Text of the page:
While criticism of the coaching staff and players is fair - criticism the Reading Chronicle has been a part of - it’s time, now, to look higher. 

Dai Yongge has spent heavily since his 2017 takeover, but Reading couldn't be further from the Premier League.

After spending twice the amount on wages than they were bringing into the club, Reading started to make more of an attempt to follow the EFL’s guidelines this summer. But the damage was already done and they were handed a six-point deduction in November.

Meanwhile, the outgoing business has hardly been much better. The Reading academy continues to produce talented players at a remarkable rate but the club is not reaping the rewards this work warrants. 

The combined £8m earned last summer for Omar Richards (free to Bayern) and Michael Olise (£8m to Crystal Palace) is laughable in comparison to what they’re really worth or will be worth in the near future.

Richards’ departure came at the end of his contract while Olise’s low fee was largely due to him having just one year left on his deal. Long-term contracts were frequently handed to expensive new arrivals but the handling of young homegrown players’ terms has been much less committal.

Reading Chronicle: Michael Olise in action for Reading. Image by: PAMichael Olise in action for Reading. Image by: PA

History is now continuing to repeat itself. Nottingham Forest are interested in Tom Holmes and the academy graduate will be free to leave in the summer when his contract expires. He’s another Reading have been in talks with about a new deal, but movement on that has not been apparent.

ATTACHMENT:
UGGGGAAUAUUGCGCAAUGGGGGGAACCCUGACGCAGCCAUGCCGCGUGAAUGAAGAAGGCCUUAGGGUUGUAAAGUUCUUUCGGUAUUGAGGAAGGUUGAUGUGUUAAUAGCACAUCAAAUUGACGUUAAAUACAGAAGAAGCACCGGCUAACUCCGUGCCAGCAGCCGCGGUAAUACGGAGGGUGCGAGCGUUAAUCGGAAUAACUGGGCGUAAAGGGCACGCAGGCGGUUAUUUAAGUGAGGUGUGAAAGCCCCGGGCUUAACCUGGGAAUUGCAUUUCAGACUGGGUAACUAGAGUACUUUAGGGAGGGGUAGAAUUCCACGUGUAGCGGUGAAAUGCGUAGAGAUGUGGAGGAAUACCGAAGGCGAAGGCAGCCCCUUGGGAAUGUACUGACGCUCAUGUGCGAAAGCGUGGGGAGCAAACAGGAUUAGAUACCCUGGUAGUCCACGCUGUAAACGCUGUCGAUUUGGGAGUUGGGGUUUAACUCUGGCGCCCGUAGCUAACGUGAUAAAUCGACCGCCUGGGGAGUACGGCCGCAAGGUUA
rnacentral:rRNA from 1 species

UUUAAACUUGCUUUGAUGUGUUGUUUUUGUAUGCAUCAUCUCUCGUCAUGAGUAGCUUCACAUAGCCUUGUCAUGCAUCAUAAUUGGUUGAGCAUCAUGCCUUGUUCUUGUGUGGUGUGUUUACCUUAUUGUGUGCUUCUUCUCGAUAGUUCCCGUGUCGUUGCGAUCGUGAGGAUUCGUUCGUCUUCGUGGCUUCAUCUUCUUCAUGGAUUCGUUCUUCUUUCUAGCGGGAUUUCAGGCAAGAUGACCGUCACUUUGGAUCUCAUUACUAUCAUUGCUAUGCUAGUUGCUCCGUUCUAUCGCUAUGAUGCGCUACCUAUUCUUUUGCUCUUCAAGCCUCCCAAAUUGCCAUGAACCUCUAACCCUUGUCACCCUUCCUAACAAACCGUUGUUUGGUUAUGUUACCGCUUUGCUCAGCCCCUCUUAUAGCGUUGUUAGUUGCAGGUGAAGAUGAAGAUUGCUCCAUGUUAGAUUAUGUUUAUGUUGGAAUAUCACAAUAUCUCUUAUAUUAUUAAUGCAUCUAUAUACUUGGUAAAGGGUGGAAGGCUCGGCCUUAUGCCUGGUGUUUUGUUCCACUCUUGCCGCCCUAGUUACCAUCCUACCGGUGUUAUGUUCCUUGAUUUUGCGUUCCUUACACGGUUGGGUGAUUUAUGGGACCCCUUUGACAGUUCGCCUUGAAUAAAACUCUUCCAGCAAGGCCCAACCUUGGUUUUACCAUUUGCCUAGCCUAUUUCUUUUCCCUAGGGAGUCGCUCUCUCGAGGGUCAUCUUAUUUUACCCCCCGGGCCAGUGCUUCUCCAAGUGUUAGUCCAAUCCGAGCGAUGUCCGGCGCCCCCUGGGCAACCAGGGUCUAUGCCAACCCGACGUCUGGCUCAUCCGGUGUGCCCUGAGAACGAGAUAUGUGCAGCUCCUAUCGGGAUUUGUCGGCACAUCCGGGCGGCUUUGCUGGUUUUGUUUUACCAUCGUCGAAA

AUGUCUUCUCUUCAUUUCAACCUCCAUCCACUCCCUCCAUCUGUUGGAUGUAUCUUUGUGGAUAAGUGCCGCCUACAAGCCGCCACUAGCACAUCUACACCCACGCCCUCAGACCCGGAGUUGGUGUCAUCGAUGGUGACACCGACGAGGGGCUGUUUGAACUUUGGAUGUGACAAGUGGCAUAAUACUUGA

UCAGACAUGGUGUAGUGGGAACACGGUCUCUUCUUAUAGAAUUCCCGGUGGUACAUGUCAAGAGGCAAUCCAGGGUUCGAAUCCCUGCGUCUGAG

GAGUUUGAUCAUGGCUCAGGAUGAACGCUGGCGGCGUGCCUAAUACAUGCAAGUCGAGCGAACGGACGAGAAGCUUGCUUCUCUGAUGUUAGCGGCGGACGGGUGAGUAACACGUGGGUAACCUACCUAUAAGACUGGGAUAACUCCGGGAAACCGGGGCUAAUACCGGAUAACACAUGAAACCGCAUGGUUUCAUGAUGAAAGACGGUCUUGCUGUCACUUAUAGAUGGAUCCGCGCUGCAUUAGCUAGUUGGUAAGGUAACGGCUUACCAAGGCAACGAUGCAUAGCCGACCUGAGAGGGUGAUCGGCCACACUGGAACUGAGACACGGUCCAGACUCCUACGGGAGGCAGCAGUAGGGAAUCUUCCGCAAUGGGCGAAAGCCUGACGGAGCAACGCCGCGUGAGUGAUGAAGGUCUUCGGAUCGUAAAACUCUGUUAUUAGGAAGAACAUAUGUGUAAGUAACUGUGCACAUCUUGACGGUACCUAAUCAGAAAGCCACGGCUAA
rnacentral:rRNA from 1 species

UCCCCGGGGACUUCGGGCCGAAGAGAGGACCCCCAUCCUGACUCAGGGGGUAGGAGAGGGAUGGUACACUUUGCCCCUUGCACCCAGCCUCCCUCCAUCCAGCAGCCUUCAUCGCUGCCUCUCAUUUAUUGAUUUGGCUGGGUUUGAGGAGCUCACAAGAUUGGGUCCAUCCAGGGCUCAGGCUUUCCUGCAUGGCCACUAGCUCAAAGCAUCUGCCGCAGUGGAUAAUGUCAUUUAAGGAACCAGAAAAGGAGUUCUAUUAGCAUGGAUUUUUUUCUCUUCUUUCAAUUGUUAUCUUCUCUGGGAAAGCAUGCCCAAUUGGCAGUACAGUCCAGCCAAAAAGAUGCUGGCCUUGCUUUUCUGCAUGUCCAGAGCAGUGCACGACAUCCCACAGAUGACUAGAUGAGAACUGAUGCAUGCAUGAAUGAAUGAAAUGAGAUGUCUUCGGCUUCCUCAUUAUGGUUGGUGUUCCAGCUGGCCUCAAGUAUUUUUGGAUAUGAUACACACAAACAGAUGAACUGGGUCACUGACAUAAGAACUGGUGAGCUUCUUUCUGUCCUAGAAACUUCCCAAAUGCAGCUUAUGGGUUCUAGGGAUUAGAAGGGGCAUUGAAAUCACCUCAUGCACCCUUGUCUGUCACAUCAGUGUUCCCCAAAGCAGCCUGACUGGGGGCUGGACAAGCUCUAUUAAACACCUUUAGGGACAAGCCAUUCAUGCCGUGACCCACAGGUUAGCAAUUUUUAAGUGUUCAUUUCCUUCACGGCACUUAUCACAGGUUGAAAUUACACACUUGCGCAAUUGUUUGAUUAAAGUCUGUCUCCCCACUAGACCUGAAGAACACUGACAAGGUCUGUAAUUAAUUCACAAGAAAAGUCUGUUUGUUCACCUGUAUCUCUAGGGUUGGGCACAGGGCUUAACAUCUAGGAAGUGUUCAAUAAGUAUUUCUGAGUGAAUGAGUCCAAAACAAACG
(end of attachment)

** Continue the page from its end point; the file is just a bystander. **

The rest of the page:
In addition to the mountain of players with expiring contracts, a strict business plan means it will largely be free agents and loans incoming for Reading over the next few windows. It will take an incredibly savvy operation to pull that off and make this team competitive regardless of whether that’s in League One or the Championship.

The way things have gone over the last few years, it’s hard to have a huge amount of faith that those people are currently at the club. 

When Dai Yongge visited the SCL for Reading’s 1-1 draw with Nottingham Forest in November, he was joined on the pitch after the game by none other than ‘super-agent’ Kia Joorabchian. It remains unclear what the Brazilian’s exact role is at this time but the fact that he seemingly still holds the confidence of Reading’s owner is a major concern.

Attempts to ask the club for clarification on Joorabchian’s involvement were met with ‘no comment’, the only official line in the past being that Joorabchian is a personal acquaintance of Mr Dai’s. However, a source with knowledge of the situation has informed the Chronicle that they believe the agent is still heavily involved at Reading.

Reading Chronicle: Kia Joorabchian (left) with client Carlos Tevez. Image by: PAKia Joorabchian (left) with client Carlos Tevez. Image by: PA

The footballing decisions at the club have been mediocre to downright disastrous and Reading fans need concrete proof that things are going to change. And while the manager and players take the scrutiny for an entire club’s failings, those truly in charge are keeping quiet deep in the background.